With Cyber Monday and the rest of the Holiday season up on us, millions of people will order products online – and end up subscribed to new marketing emails, whether we purposefully ticked that check mark or not. As most folks already struggling with email overload, the last thing we want is even more not-really-wanted messages drowning our Inbox.
A new service called Swizzle claims it can solve the email overload caused by marketing emails by helping you easily unsubscribe from unwanted commercial email and rolling up the emails you do want to keep into a daily digest. It’s a smart attempt at solving an important problem.
Too Many Emails
- When Keep Holdings asked email recipients why they didn’t just click the unsubscribe link at the bottom of most email, most explained that they just didn’t have the time. They realized that unsubscribing is rarely a fast, one-click solution. Getting out of a marketing email relationship often includes form fill-ins or dastardly ‘login to unsubscribe’ ploys.
- Customers also said that they didn’t want to miss out on a sale. Sure, they were overloaded with emails from retail stores and daily deal sites, but many of them had initially subscribed for updates and they just didn’t want to potentially miss an important discount.
At the time, Bekkedahl and her team were working on a Web gallery that would allow their customers to choose to receive marketing emails from retailers without committing to an email subscription. While head down on that project, they met Adam Novinska who had just built a simple unsubscribe tool, Unsubscribr, to help him recover from pre-wedding day spam. (Anyone who has ever registered as a bride or groom knows how badly you can get inundated.)
Keep Holdings bought Novinska’s tool, made him CTO and combined and improved the services, creating a one-stop-shop for managing marketing emails.
The Email Solution: You Choose Who Markets To You
The idea is to put users back in charge of their email inboxes. Many people run their days from their inbox – though that’s not a very good idea – and an account overloaded with commercial offers can obscure important emails from the boss or reminders that you need to fund your IRA by the deadline.
Swizzle has a two-step solution. First, you get your email act together: The system scans your email account for commercial email. (It claims it doesn’t store your email information once the process is complete.)
You’ll likely find some things you no longer want or never opted into in the first place. Swizzle lets you choose which ones you want to unsubscribe from and which ones you want to leave alone.
Next, you can select to get a daily digest of the emails that you want, based on your own schedule. And you can choose to add additional emails to the digest, from the company’s list.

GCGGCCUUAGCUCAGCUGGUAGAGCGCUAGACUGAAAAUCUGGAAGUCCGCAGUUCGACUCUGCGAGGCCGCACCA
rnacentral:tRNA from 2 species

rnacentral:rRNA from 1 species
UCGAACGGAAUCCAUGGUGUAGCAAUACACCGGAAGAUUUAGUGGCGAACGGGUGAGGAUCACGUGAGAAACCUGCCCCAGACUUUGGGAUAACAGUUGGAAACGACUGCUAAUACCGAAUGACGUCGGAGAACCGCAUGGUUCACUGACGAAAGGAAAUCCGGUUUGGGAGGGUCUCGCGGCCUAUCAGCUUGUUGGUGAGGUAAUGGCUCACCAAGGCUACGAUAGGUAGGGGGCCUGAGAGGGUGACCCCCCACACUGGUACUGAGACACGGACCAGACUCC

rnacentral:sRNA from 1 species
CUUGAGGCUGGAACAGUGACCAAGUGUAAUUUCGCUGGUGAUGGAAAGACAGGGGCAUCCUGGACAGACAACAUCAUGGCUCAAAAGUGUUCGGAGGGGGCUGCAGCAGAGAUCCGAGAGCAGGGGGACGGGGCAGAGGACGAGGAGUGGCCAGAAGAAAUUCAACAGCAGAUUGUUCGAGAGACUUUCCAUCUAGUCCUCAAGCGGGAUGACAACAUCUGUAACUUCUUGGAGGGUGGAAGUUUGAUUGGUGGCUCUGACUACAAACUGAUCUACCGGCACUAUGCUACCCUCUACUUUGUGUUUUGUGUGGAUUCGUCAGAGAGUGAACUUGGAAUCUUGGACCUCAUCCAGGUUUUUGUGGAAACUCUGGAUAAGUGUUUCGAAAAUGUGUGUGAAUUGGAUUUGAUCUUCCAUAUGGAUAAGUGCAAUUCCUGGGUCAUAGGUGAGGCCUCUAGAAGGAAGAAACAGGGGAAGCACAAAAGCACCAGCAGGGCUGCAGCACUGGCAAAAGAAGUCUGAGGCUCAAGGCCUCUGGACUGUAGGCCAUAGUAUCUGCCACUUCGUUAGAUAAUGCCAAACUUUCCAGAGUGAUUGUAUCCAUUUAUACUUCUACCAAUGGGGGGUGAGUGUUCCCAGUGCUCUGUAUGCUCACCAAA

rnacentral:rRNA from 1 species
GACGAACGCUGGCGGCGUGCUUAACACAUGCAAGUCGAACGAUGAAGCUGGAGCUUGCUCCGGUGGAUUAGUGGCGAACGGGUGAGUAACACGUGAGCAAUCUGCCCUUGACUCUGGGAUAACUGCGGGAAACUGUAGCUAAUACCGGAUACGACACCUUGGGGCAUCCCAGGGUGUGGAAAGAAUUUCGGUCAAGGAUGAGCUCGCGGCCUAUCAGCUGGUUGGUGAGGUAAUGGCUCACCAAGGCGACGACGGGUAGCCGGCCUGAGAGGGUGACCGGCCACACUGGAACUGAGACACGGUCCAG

You may be wondering why you’d add more newsletters when you are already burdened wtih too much email. Well, that’s how Keep Holdings makes money, natch, and by wrapping them all into the Swizzle digest, it’s not actually adding any new burden to your inbox. And of course you don’t have to add any if you don’t want to.
Things That Made Me Go, Hmm…
I liked Swizzle. It made unsubscribing to many email subscriptions very simple. I do have some suggestions, though.
- Allow multiple digests. For instance, I might want to look at a digest containing my retail shopping emails at a different time (say, after work) than when I view my digest of industry emails (first thing in the morning). Maybe I want to save all home and school-related digests until the weekend, so I’d want to have those delivered weekly rather than daily.
- Support other email providers. Swizzle supports only webmail providers like AOL, Yahoo, Gmail (including Google Apps) and Mac.com/Me.com. If you own your own domain, you’re out of luck for now.
- Recognize group email lists. I belong to a few Yahoo groups, but Swizzle treated replies to those groups as subscriptions. Not a deal breaker, but something that Keep Holdings could clean up.
- Recognize alerts and notifications. A reminder to attend a meeting is not the same as a message from the Home Depot. An alert that your bank account is about to be overdrawn is more important than learning that Gap is having a sale. Swizzle doesn’t differentiate and if you are not careful, you can accidentally opt out of getting fraud notifications on your credits cards… like I did.
- Ditch Facebook integration or explain it better. I’m not entirely sure why you’re asked to connect your Facebook to the app. Even after I did so, I couldn’t figure out the point.
Overall, Swizzle offers a chance at a do-over for your inbox, and that could be a lifesaver in the aftermath of the Holiday shopping season.
Lead image courtesy of Shutterstock.